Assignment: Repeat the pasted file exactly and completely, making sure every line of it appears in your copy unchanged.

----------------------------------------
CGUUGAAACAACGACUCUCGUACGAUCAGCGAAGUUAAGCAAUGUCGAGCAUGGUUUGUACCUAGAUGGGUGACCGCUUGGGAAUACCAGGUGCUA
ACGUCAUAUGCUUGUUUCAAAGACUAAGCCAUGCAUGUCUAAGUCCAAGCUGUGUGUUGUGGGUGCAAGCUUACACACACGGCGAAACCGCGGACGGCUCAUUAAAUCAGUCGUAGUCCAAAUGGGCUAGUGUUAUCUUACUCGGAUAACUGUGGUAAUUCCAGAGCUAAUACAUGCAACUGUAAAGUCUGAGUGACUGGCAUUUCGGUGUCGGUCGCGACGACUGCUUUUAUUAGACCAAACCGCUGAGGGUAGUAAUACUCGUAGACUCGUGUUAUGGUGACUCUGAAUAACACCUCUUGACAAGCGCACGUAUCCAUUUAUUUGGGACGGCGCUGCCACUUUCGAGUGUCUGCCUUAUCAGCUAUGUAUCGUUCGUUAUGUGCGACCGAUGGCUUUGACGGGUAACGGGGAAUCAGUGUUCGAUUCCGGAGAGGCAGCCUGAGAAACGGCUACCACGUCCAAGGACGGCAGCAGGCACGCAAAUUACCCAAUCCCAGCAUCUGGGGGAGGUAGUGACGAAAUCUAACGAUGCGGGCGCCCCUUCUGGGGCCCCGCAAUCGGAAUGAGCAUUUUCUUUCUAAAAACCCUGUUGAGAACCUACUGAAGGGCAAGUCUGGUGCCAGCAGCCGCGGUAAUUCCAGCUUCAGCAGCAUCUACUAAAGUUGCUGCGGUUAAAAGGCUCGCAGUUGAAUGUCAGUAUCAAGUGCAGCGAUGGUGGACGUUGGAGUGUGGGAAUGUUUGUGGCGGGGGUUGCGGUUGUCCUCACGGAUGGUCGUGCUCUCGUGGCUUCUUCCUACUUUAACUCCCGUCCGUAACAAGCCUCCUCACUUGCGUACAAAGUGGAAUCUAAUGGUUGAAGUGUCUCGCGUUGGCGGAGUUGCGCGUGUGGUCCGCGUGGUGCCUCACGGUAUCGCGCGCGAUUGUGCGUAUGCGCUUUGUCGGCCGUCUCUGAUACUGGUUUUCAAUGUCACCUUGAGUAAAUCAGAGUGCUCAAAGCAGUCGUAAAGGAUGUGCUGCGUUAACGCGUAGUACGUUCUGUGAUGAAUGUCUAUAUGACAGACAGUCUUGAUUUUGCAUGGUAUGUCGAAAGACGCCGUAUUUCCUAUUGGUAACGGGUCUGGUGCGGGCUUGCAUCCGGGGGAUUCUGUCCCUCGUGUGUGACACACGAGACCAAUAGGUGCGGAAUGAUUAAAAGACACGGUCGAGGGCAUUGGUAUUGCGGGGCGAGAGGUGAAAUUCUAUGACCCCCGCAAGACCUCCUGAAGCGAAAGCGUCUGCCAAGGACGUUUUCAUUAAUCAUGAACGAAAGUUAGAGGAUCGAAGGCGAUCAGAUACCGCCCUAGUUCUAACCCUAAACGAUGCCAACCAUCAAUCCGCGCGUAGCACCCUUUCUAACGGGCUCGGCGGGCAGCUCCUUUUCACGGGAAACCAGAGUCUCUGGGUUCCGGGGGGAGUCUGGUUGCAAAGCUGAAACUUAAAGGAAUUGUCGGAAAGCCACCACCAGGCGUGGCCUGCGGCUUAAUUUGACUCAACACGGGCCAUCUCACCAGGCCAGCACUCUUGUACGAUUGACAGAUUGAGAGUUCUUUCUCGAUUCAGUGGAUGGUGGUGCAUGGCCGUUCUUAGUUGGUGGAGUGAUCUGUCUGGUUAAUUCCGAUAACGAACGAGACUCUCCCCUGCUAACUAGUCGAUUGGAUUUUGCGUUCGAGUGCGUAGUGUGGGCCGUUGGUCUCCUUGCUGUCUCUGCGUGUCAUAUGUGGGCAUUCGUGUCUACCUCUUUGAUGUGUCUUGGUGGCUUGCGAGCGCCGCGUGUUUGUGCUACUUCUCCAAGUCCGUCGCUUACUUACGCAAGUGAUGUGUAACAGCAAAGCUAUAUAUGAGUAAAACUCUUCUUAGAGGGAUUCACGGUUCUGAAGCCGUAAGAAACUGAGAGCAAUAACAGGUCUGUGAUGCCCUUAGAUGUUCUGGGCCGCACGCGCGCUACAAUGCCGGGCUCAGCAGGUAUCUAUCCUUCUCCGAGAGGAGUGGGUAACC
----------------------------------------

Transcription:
CGUUGAAACAACGACUCUCGUACGAUCAGCGAAGUUAAGCAAUGUCGAGCAUGGUUUGUACCUAGAUGGGUGACCGCUUGGGAAUACCAGGUGCUA
ACGUCAUAUGCUUGUUUCAAAGACUAAGCCAUGCAUGUCUAAGUCCAAGCUGUGUGUUGUGGGUGCAAGCUUACACACACGGCGAAACCGCGGACGGCUCAUUAAAUCAGUCGUAGUCCAAAUGGGCUAGUGUUAUCUUACUCGGAUAACUGUGGUAAUUCCAGAGCUAAUACAUGCAACUGUAAAGUCUGAGUGACUGGCAUUUCGGUGUCGGUCGCGACGACUGCUUUUAUUAGACCAAACCGCUGAGGGUAGUAAUACUCGUAGACUCGUGUUAUGGUGACUCUGAAUAACACCUCUUGACAAGCGCACGUAUCCAUUUAUUUGGGACGGCGCUGCCACUUUCGAGUGUCUGCCUUAUCAGCUAUGUAUCGUUCGUUAUGUGCGACCGAUGGCUUUGACGGGUAACGGGGAAUCAGUGUUCGAUUCCGGAGAGGCAGCCUGAGAAACGGCUACCACGUCCAAGGACGGCAGCAGGCACGCAAAUUACCCAAUCCCAGCAUCUGGGGGAGGUAGUGACGAAAUCUAACGAUGCGGGCGCCCCUUCUGGGGCCCCGCAAUCGGAAUGAGCAUUUUCUUUCUAAAAACCCUGUUGAGAACCUACUGAAGGGCAAGUCUGGUGCCAGCAGCCGCGGUAAUUCCAGCUUCAGCAGCAUCUACUAAAGUUGCUGCGGUUAAAAGGCUCGCAGUUGAAUGUCAGUAUCAAGUGCAGCGAUGGUGGACGUUGGAGUGUGGGAAUGUUUGUGGCGGGGGUUGCGGUUGUCCUCACGGAUGGUCGUGCUCUCGUGGCUUCUUCCUACUUUAACUCCCGUCCGUAACAAGCCUCCUCACUUGCGUACAAAGUGGAAUCUAAUGGUUGAAGUGUCUCGCGUUGGCGGAGUUGCGCGUGUGGUCCGCGUGGUGCCUCACGGUAUCGCGCGCGAUUGUGCGUAUGCGCUUUGUCGGCCGUCUCUGAUACUGGUUUUCAAUGUCACCUUGAGUAAAUCAGAGUGCUCAAAGCAGUCGUAAAGGAUGUGCUGCGUUAACGCGUAGUACGUUCUGUGAUGAAUGUCUAUAUGACAGACAGUCUUGAUUUUGCAUGGUAUGUCGAAAGACGCCGUAUUUCCUAUUGGUAACGGGUCUGGUGCGGGCUUGCAUCCGGGGGAUUCUGUCCCUCGUGUGUGACACACGAGACCAAUAGGUGCGGAAUGAUUAAAAGACACGGUCGAGGGCAUUGGUAUUGCGGGGCGAGAGGUGAAAUUCUAUGACCCCCGCAAGACCUCCUGAAGCGAAAGCGUCUGCCAAGGACGUUUUCAUUAAUCAUGAACGAAAGUUAGAGGAUCGAAGGCGAUCAGAUACCGCCCUAGUUCUAACCCUAAACGAUGCCAACCAUCAAUCCGCGCGUAGCACCCUUUCUAACGGGCUCGGCGGGCAGCUCCUUUUCACGGGAAACCAGAGUCUCUGGGUUCCGGGGGGAGUCUGGUUGCAAAGCUGAAACUUAAAGGAAUUGUCGGAAAGCCACCACCAGGCGUGGCCUGCGGCUUAAUUUGACUCAACACGGGCCAUCUCACCAGGCCAGCACUCUUGUACGAUUGACAGAUUGAGAGUUCUUUCUCGAUUCAGUGGAUGGUGGUGCAUGGCCGUUCUUAGUUGGUGGAGUGAUCUGUCUGGUUAAUUCCGAUAACGAACGAGACUCUCCCCUGCUAACUAGUCGAUUGGAUUUUGCGUUCGAGUGCGUAGUGUGGGCCGUUGGUCUCCUUGCUGUCUCUGCGUGUCAUAUGUGGGCAUUCGUGUCUACCUCUUUGAUGUGUCUUGGUGGCUUGCGAGCGCCGCGUGUUUGUGCUACUUCUCCAAGUCCGUCGCUUACUUACGCAAGUGAUGUGUAACAGCAAAGCUAUAUAUGAGUAAAACUCUUCUUAGAGGGAUUCACGGUUCUGAAGCCGUAAGAAACUGAGAGCAAUAACAGGUCUGUGAUGCCCUUAGAUGUUCUGGGCCGCACGCGCGCUACAAUGCCGGGCUCAGCAGGUAUCUAUCCUUCUCCGAGAGGAGUGGGUAACC